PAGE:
“The new information contained in this report, based on new testimony and declassified documents, illustrates the potential dangers of a politicized intelligence community,” the House committee’s interim report said.

“Some of the signatories to the statement were on the CIA’s payroll as contractors at the time and had special access to CIA facilities.

“Even Michael Morell, before the committee learned of the CIA contract, acknowledged that ‘it is inappropriate for serving staff or contractors to be involved in the political process.'”

“Due to operational concerns, the CIA declined to declassify all of the contract signatories,” the report said.

During the second and final debate with Trump in the 2020 presidential election, then-candidate Biden used a letter from an intelligence alumnus to falsely claim that a Washington Post report about Biden’s role in his family’s international business dealings was a “Russian agent” and “bullshit.”

“Fifty former national intelligence officials have accused Trump of being a Russian agent,” Biden said of Trump. “Five former CIA directors from both parties say what he’s saying is bullshit. No one believes him except his good friend Rudy Giuliani.”

Morell testified before Congress last year that the letter was prompted by a call he received from Antony Blinken, a longtime Biden adviser and future secretary of state.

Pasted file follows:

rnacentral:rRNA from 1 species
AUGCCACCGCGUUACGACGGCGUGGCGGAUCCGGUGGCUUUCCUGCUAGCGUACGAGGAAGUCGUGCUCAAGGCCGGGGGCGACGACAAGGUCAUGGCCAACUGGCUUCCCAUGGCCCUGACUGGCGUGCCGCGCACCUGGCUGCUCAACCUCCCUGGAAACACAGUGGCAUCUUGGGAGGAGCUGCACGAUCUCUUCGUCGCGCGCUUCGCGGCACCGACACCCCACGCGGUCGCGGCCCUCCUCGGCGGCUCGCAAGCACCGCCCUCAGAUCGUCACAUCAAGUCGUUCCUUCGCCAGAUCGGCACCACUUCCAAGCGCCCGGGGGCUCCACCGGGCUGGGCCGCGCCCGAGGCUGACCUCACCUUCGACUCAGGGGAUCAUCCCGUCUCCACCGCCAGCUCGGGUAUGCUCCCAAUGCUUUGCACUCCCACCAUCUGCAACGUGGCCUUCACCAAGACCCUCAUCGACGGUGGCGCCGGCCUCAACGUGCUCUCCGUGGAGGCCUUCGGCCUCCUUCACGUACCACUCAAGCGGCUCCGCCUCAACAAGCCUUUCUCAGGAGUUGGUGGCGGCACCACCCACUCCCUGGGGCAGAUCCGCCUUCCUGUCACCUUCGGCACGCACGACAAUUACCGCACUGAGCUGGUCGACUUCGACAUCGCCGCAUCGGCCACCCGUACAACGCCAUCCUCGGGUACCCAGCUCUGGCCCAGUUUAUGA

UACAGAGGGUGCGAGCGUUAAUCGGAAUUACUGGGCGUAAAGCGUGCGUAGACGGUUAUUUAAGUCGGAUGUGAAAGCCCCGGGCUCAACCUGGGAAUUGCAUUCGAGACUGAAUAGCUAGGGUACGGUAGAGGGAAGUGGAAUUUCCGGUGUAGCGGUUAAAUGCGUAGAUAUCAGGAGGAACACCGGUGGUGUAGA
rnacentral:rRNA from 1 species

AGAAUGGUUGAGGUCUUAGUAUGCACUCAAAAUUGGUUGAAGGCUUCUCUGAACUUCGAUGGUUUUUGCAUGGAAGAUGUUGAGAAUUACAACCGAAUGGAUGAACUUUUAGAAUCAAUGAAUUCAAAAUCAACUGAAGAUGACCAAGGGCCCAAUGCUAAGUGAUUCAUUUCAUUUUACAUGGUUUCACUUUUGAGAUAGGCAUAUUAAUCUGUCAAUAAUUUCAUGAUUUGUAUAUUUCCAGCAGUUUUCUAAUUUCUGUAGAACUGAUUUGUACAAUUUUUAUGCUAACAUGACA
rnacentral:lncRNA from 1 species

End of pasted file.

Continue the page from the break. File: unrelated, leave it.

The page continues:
The Post’s explosive story, first published five days before the letter to the 51 people was made public, revealed that Vadym Pozharsky, an executive at the Ukrainian gas company Burisma, had emailed Hunter in 2015 to thank him for giving him “the opportunity to meet his father” — a direct contradiction to Biden’s statements. 2019 billing He said he had “never discussed” any “overseas business dealings” with his son.

The Biden campaign vaguely denied that the meeting took place, but subsequent reports corroborated key details, including the fact that Joe Biden had attended a dinner in Washington, DC, in 2015, one day before the Burisma executive’s email. Also in attendance were members of Biden’s son’s inner circle, including Pozharsky and a trio from Kazakhstan who were photographed with the Bidens.

Hunter served on the board of directors of Burisma from 2014 to 2019, when his father was leading the Obama administration’s Ukraine policy, earning up to $1 million a year.

A second shocking story, published in October 2020 by The Washington Post, came out four days before the spy’s statement and described interactions between Hunter Biden and his uncle, Jim Biden, regarding a business venture with CEFC China Energy, a Chinese state-owned company that was allegedly a key part of Beijing’s “Belt and Road” foreign influence campaign and is now bankrupt.

A May 13, 2017 laptop email said a “tycoon” would get 10% of the CEFC deal, and former Biden family associate Rob Walker testified before Congress that Joe Biden had met with the company’s chairman, Ye Jianming, before the money started flowing earlier that year.

The CIA did not immediately respond to a request for comment Tuesday, and The Washington Post was unable to immediately reach Morrell and Buckley.